Alan Murray’s Perhaps turns out to be a very substantial slim volume

 

Perhapsperhaps alan murray
by Alan Murray,
Acumen Publications 2013.
ISBN 978-1-873161-39-5
32 pp  £3.50

 

Alan Murray has spent much of his adult life as a student and a teacher of philosophy so one should not be surprised that the poems in his debut pamphlet collection Perhaps all feature a logical train of thought and a careful development of ideas.  This is not to say they are pedantic or didactic. On the contrary they are speculative, imaginative and often amusing: but the point is that they follow an idea or an image through to a conclusion (which may well be more difficult than the not-uncommon approach of seeking a cumulative effect simply by piling up impressions).

The poems are often serious but they do not take themselves too seriously.  The very first one, ‘Blank Verse’, teases the reader (and seems to undermine itself) with the thought that she is now on her own with the poems and there is no going back.  Teasing continues in the second piece which explores the paradox of self-deception, inviting us to consider our own capacity for a mental feat, a sleight of mind which allows us both to know something and also to tell ourselves it isn’t true.  This is an interior debate

that neither side has any hope of winning,
when being both deceiver and deceived,
clearly I’m as sinned against as sinning.

Implicit in self-deception are ideas of ‘doubleness’ and a ‘shadow self’; and these themes occur quite frequently and intriguingly in other poems.  In ‘Departures’ the poet reflects Until I find some way / to leave my self behind, / travelling will always be / a disappointment; and in the title poem he encounters a man who looks so much like me and wonders whether, by talking to him, he could become again, in time, my former self.  In ‘Lately’ – about the aftermath of a relationship – one partner has the sense of being  something … experiencing its own absence.  By contrast, in the poem ‘The Doppler effect’ (where even the title suggests the notion of Doppelganger – although Doppler is merely the name of the scientist who first documented the phenomenon) it is a failure to recognize difference between approaching and receding sounds that becomes a central metaphor for insensitivity to signs of the end of an affair.

Alongside these unsettling doubleness effects, other slightly sinister and ominous events can also occur; but the pace of the poems is such that they tend to happen quietly and gently.  In ‘Safe House’ a breeze is almost like a whisper that might be looking for something; and in ‘Down House’ a brief lightening of a dark sky is as if the lid of the world / had been lifted then quietly closed.  Even a hoped-for quiet lunch ends in a surprising revelation (‘…and you know it’).  The chief – indeed perhaps the only – departure from the book’s measured and understated tone is in the mildly outrageous ‘More heat Than Light’ with its suggested (and suggestive) new use for a mobile phone.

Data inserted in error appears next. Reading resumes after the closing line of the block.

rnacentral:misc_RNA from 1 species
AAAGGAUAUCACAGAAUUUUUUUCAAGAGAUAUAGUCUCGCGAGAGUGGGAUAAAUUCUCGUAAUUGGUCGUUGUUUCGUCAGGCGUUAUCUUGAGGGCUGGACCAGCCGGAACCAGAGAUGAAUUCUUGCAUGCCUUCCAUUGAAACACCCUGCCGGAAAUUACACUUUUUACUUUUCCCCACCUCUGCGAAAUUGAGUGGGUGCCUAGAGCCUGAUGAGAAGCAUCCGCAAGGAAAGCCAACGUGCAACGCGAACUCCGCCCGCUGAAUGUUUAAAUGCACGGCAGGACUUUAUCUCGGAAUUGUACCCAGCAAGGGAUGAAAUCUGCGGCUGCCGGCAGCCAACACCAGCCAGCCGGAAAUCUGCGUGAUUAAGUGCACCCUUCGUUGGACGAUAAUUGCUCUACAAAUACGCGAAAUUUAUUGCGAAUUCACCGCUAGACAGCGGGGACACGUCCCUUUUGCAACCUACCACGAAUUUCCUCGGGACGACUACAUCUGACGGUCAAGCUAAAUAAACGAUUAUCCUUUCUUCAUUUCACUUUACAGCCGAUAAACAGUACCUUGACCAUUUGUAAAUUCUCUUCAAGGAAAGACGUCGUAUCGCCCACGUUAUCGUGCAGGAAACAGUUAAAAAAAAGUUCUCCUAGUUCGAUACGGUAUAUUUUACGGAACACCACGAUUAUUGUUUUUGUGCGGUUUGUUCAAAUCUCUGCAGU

In terms of their poetic craft, the poems seem as carefully put-together as the ideas and observations they contain.  There is perhaps on over-reliance on iambic pentameter – I estimate that about half the poems drop into this metre either wholly or partly.  It is however always well done and easy on the ear.  There is skilful use of rhyme in ‘On Self-Deception’.  And in the single prose-poem (possibly a found poem?) ‘What to Do When Someone Dies’ the form is very well suited to its theme.  Murray also offers us quite a few memorable lines, from the wry comedic opening

It is the mark of a true pessimist
that he will even take a gloomy view
of other pessimists.

to the evocative image of a dead pigeon with one white wing fanned  like a hand of cards.  (Both quotations come from a witty sequence entitled ‘Harry’.)  Other tellingly memorable word pictures include an elderly woman’s slow iambic shuffle; a stream transformed by a summer shower into a vast Venn diagram of expanding empty sets; and the grooves around a stranger’s mouth making it seem as if his every word were in parenthesis.

I would not normally expect to write at this length about a chapbook.  But I found so much to enjoy and appreciate in Perhaps that I hope Alan Murray’s first full collection will be forthcoming before too long.

Michael Bartholomew-Biggs